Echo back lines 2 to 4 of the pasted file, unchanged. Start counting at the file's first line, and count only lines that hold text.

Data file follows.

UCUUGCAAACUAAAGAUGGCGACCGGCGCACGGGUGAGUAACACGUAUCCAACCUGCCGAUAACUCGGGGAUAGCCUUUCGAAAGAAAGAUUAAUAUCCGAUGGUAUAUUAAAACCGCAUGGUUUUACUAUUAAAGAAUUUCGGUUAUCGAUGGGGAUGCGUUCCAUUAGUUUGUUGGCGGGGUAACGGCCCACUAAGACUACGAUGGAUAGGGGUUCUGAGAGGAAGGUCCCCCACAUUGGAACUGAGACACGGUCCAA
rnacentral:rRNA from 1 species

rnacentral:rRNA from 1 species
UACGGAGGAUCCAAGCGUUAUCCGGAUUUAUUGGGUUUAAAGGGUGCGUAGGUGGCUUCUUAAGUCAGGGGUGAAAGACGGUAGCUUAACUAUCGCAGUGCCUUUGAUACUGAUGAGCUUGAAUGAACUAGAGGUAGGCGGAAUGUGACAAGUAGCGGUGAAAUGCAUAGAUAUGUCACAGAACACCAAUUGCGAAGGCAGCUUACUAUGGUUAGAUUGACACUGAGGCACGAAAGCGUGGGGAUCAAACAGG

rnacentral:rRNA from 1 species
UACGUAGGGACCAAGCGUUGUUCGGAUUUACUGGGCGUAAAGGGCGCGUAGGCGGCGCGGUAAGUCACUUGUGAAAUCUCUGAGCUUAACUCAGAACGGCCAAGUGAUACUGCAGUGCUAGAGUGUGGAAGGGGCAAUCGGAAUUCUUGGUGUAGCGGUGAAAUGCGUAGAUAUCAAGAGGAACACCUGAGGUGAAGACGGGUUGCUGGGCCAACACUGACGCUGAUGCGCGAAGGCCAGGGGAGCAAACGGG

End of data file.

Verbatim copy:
rnacentral:rRNA from 1 species

rnacentral:rRNA from 1 species
UACGGAGGAUCCAAGCGUUAUCCGGAUUUAUUGGGUUUAAAGGGUGCGUAGGUGGCUUCUUAAGUCAGGGGUGAAAGACGGUAGCUUAACUAUCGCAGUGCCUUUGAUACUGAUGAGCUUGAAUGAACUAGAGGUAGGCGGAAUGUGACAAGUAGCGGUGAAAUGCAUAGAUAUGUCACAGAACACCAAUUGCGAAGGCAGCUUACUAUGGUUAGAUUGACACUGAGGCACGAAAGCGUGGGGAUCAAACAGG